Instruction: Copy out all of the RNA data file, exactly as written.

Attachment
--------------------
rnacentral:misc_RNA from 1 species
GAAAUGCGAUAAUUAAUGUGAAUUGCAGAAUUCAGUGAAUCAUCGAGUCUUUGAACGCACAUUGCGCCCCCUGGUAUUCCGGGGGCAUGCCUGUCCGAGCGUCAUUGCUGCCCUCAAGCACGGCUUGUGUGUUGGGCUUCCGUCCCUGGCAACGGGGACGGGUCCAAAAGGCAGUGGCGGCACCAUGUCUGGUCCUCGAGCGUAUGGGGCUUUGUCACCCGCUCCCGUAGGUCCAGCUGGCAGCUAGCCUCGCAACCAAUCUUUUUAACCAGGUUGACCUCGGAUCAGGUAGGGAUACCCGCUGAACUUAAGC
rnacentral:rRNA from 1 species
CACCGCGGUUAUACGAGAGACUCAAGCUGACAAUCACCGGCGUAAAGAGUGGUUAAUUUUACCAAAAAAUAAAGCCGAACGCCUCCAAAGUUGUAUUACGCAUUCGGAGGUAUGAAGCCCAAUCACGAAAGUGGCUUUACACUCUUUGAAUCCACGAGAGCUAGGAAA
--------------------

rnacentral:misc_RNA from 1 species
GAAAUGCGAUAAUUAAUGUGAAUUGCAGAAUUCAGUGAAUCAUCGAGUCUUUGAACGCACAUUGCGCCCCCUGGUAUUCCGGGGGCAUGCCUGUCCGAGCGUCAUUGCUGCCCUCAAGCACGGCUUGUGUGUUGGGCUUCCGUCCCUGGCAACGGGGACGGGUCCAAAAGGCAGUGGCGGCACCAUGUCUGGUCCUCGAGCGUAUGGGGCUUUGUCACCCGCUCCCGUAGGUCCAGCUGGCAGCUAGCCUCGCAACCAAUCUUUUUAACCAGGUUGACCUCGGAUCAGGUAGGGAUACCCGCUGAACUUAAGC
rnacentral:rRNA from 1 species
CACCGCGGUUAUACGAGAGACUCAAGCUGACAAUCACCGGCGUAAAGAGUGGUUAAUUUUACCAAAAAAUAAAGCCGAACGCCUCCAAAGUUGUAUUACGCAUUCGGAGGUAUGAAGCCCAAUCACGAAAGUGGCUUUACACUCUUUGAAUCCACGAGAGCUAGGAAA